Tuesday, May 19, 2009

Practicing Kata - Slow

When learning the pattern of a kata, we are accustomed to executing the techniques at the same speed. The kata is monotone. Called out by the instructor, we hear and follow the count "one, two, three" or "ichi, ni, san". It is similar to the beat of a metronome. When I teach a kata, I start off by describing the technique "kosa step --then step out in nai hanchi stance with a right hand strike". Once the students can follow along with the pattern, I use a count. If the students know the pattern, a count is no longer needed to keep pace in a group.

In the dojo, we practice kata in several ways: technique, power, speed and kime. Last week in the dojo, we practiced our kata very, very slow. We worked on the kata Pinan Nidan. It was a kata that everyone knew and covered many of the basic blocks, strikes and stances. I wanted the students to watch and feel their techniques. We performed the kata slow and deliberate.

It was an excellent drill. One of the hallmarks of Okinawa Kenpo is rotation. The blocks and strikes rotate during the last six inches of the technique. When we performed the kata at a very slow pace, proper rotation and hand position could be observed.

The students perception of a technique can vary depending on where a student is standing in the dojo in relationship to the instructor. A student often gets the beginning position and the end position of a technique correct. It is the middle position or how we get from point A to B that sometimes gets confused.

Take for example a right knife hand block. In Okinawa Kenpo, the beginning position for a knife hand block is elbow to elbow, right hand high palm facing the ear, left prep hand pointed to the direction we are moving with palm facing down. The end position has the left prep hand withdrawing palm up and the right blocking hand facing palm out clearing the body, arm bent at a ninety degree angle with a fist distance under the arm.

But...how did we get there? How does the hand move from the beginning position to the end position. Doing the kata in a very slow manner allowed the students to closely examine the middle position. The hand is supposed to cross center line as the right hand moves across the body. Think "windshield wiper".

In some cases, the students discover they were using a "slicing" motion. The right hand sliding down the left prep arm, flattening out and rising to the end position. Think "the letter U". The beginning position was correct. The ending position was correct. However, the middle position was functionally incorrect. Moving the hand in this manner from point A to B does not cover center line and will inevitably result in getting hit.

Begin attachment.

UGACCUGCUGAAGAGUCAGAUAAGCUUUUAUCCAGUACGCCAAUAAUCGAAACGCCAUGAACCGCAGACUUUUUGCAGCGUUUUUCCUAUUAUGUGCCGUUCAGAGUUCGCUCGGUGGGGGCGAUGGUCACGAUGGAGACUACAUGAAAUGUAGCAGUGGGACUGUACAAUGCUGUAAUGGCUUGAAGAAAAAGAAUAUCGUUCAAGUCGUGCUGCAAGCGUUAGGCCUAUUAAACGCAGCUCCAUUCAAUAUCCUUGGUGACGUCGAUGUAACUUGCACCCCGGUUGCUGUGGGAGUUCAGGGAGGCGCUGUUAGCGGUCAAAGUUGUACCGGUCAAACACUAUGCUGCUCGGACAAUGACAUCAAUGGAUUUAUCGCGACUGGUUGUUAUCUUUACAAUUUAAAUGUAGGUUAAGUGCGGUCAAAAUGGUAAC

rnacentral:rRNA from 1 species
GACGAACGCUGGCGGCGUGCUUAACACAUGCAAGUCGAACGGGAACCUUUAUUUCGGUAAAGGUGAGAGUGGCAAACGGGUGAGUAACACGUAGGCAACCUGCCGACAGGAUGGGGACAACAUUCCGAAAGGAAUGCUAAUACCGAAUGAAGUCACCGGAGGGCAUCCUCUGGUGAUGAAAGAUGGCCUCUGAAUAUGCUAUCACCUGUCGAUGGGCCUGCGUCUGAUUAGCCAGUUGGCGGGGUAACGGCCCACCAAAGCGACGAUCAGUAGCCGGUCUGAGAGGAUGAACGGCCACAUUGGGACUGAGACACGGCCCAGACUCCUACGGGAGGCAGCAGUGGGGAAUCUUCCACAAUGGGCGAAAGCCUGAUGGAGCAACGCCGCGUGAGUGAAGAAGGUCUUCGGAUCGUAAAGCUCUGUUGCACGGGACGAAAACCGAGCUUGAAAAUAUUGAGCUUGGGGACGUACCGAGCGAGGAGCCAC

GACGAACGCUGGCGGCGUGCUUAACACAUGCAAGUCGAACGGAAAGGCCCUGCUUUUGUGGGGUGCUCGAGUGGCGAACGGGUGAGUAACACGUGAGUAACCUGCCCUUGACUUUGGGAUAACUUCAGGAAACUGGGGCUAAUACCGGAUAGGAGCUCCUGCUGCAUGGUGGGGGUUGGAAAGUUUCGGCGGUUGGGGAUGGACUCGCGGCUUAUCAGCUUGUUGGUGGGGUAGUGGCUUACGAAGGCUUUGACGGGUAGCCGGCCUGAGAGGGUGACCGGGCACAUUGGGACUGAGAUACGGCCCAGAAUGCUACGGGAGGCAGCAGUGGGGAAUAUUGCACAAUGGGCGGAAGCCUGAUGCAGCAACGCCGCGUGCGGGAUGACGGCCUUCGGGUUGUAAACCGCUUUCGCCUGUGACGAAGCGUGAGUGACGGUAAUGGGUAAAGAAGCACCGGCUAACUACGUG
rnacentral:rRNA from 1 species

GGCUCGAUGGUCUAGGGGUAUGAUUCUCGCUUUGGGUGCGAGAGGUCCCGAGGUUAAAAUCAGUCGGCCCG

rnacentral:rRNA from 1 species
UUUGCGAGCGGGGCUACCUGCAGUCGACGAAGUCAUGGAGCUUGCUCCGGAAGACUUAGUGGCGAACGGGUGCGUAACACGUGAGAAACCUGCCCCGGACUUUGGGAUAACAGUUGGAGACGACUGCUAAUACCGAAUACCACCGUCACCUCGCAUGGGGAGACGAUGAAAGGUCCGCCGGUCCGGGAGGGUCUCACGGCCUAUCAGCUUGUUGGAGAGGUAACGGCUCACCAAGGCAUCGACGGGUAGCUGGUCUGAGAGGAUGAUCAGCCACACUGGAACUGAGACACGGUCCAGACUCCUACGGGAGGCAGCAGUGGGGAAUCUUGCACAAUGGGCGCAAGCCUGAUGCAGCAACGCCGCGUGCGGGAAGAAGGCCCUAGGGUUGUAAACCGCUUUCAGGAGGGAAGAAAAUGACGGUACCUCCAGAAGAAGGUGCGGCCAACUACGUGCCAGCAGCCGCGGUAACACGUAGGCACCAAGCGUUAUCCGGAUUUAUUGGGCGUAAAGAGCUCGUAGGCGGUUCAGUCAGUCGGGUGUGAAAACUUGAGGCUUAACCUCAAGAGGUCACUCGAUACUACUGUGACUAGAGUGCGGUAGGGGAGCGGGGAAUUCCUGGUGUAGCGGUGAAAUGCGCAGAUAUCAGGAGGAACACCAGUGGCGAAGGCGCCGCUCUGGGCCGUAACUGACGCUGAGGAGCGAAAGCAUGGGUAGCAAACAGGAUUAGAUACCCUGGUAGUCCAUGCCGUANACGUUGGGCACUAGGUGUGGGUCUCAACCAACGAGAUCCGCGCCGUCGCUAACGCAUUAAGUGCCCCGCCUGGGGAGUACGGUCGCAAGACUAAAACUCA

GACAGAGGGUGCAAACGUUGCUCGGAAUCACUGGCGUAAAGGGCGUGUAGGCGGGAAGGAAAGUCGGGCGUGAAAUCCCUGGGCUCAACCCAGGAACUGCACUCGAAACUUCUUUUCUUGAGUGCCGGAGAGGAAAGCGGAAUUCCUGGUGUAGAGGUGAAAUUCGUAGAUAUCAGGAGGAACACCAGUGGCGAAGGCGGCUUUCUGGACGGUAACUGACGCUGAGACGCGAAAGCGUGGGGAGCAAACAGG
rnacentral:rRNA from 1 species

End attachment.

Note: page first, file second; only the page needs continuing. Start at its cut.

It was a useful exercise. However, as we continue our kata training, we need to leave behind the count and the monotone. We each need to find our own kata rhythm that reflects our personal experiences, body type and bunkai.


Rick Matz said...

The late Chinese internal martial arts master, Rose Li, advocated practicing the form very slowly.

I've done that myself, and it's very hard to do. It's hard to keep a slow and even pace. We tend to want to leap ahead.

It's a very useful type of training.

Sue C said...

It's interesting to learn about different methods of teaching kata. We do occassionally perform a kata very slowly in order to perfect the details of technique but we've never learn't kata to a rhythmic count or though I can see some merit in doing so to start with. We are taught kata individually or in small kyu grade groups by following sensei. We are then encouraged to practice the kata at our own pace on our own - we don't often perform the same kata as a class activity. Even on the occasions that we do all perform the same kata together we still do it at our own pace.

There's clearly more than one way to 'skin a cat'!

Rick Matz said...

An element is practicing slowly with a group is having to constantly adapt to the speed of the group.

Hack Shaft said...

I often find rapid tempo, thumpa-thumpa music accompanying extreme kata in competition somewhat annoying for this reason.

It's just too fast to judge any movement other than fancy gymnastics.

My rule is this: if you turn off the sound, does it still look good?

I'm more impressed by the side kick that hangs for a few seconds completely motionless than the 540-trick-flip.